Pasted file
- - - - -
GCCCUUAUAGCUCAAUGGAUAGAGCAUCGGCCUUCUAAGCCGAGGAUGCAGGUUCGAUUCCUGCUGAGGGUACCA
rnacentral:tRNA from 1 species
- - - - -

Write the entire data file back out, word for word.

GCCCUUAUAGCUCAAUGGAUAGAGCAUCGGCCUUCUAAGCCGAGGAUGCAGGUUCGAUUCCUGCUGAGGGUACCA
rnacentral:tRNA from 1 species